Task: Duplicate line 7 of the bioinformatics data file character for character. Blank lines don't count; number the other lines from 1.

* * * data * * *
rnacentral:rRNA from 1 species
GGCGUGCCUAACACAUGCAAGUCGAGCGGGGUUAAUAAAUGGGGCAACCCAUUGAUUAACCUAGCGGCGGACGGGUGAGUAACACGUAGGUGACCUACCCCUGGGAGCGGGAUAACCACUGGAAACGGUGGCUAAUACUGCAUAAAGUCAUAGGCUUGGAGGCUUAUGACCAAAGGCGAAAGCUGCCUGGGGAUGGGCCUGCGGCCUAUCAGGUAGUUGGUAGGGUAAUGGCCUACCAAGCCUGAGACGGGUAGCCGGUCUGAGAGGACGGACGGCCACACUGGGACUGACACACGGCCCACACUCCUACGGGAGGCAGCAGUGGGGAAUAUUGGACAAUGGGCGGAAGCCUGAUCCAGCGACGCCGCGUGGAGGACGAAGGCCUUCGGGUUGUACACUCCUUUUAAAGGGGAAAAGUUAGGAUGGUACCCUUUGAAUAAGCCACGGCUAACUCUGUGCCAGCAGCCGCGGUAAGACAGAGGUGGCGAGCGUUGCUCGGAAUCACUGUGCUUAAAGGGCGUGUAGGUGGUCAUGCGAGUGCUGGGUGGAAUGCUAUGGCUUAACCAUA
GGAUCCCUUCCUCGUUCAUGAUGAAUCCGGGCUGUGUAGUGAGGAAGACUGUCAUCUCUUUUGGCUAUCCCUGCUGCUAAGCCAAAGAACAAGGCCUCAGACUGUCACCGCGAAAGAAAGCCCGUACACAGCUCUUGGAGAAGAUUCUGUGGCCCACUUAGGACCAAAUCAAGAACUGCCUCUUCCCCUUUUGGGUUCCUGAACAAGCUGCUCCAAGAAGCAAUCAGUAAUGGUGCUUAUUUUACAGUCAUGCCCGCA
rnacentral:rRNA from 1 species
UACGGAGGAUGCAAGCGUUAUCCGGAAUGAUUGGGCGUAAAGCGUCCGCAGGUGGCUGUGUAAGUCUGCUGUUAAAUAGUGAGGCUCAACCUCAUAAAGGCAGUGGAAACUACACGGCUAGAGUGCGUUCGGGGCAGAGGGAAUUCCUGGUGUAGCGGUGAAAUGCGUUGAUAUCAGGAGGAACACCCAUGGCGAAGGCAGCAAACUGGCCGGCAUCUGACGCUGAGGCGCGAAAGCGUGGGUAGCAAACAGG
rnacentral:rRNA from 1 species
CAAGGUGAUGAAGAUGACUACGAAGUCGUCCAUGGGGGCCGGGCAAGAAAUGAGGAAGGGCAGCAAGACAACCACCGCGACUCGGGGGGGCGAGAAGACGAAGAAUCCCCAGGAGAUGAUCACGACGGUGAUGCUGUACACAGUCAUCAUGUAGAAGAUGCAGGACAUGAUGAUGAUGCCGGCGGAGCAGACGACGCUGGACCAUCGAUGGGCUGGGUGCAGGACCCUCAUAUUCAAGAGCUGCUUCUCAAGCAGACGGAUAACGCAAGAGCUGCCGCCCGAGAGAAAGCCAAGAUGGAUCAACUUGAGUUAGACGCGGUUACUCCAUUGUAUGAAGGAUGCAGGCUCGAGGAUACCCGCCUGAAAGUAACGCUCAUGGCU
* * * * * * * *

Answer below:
CAAGGUGAUGAAGAUGACUACGAAGUCGUCCAUGGGGGCCGGGCAAGAAAUGAGGAAGGGCAGCAAGACAACCACCGCGACUCGGGGGGGCGAGAAGACGAAGAAUCCCCAGGAGAUGAUCACGACGGUGAUGCUGUACACAGUCAUCAUGUAGAAGAUGCAGGACAUGAUGAUGAUGCCGGCGGAGCAGACGACGCUGGACCAUCGAUGGGCUGGGUGCAGGACCCUCAUAUUCAAGAGCUGCUUCUCAAGCAGACGGAUAACGCAAGAGCUGCCGCCCGAGAGAAAGCCAAGAUGGAUCAACUUGAGUUAGACGCGGUUACUCCAUUGUAUGAAGGAUGCAGGCUCGAGGAUACCCGCCUGAAAGUAACGCUCAUGGCU